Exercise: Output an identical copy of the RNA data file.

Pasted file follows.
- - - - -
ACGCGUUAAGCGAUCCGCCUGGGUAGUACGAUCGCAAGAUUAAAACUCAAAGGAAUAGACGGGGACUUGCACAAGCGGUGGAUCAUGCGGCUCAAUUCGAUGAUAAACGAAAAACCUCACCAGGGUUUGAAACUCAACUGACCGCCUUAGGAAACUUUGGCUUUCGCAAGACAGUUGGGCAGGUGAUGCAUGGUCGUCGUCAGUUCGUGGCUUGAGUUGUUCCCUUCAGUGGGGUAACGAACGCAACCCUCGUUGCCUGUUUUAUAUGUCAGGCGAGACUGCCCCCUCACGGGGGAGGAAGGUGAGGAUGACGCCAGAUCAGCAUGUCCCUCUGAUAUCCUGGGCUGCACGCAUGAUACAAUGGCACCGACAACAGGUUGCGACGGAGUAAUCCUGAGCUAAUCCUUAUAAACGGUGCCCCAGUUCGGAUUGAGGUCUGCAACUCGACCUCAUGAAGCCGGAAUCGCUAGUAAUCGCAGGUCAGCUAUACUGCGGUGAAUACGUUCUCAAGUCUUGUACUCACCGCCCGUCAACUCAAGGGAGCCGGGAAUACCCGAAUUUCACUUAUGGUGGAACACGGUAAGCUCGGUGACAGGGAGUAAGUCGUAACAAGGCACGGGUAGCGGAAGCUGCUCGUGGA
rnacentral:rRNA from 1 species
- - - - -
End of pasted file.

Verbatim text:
ACGCGUUAAGCGAUCCGCCUGGGUAGUACGAUCGCAAGAUUAAAACUCAAAGGAAUAGACGGGGACUUGCACAAGCGGUGGAUCAUGCGGCUCAAUUCGAUGAUAAACGAAAAACCUCACCAGGGUUUGAAACUCAACUGACCGCCUUAGGAAACUUUGGCUUUCGCAAGACAGUUGGGCAGGUGAUGCAUGGUCGUCGUCAGUUCGUGGCUUGAGUUGUUCCCUUCAGUGGGGUAACGAACGCAACCCUCGUUGCCUGUUUUAUAUGUCAGGCGAGACUGCCCCCUCACGGGGGAGGAAGGUGAGGAUGACGCCAGAUCAGCAUGUCCCUCUGAUAUCCUGGGCUGCACGCAUGAUACAAUGGCACCGACAACAGGUUGCGACGGAGUAAUCCUGAGCUAAUCCUUAUAAACGGUGCCCCAGUUCGGAUUGAGGUCUGCAACUCGACCUCAUGAAGCCGGAAUCGCUAGUAAUCGCAGGUCAGCUAUACUGCGGUGAAUACGUUCUCAAGUCUUGUACUCACCGCCCGUCAACUCAAGGGAGCCGGGAAUACCCGAAUUUCACUUAUGGUGGAACACGGUAAGCUCGGUGACAGGGAGUAAGUCGUAACAAGGCACGGGUAGCGGAAGCUGCUCGUGGA
rnacentral:rRNA from 1 species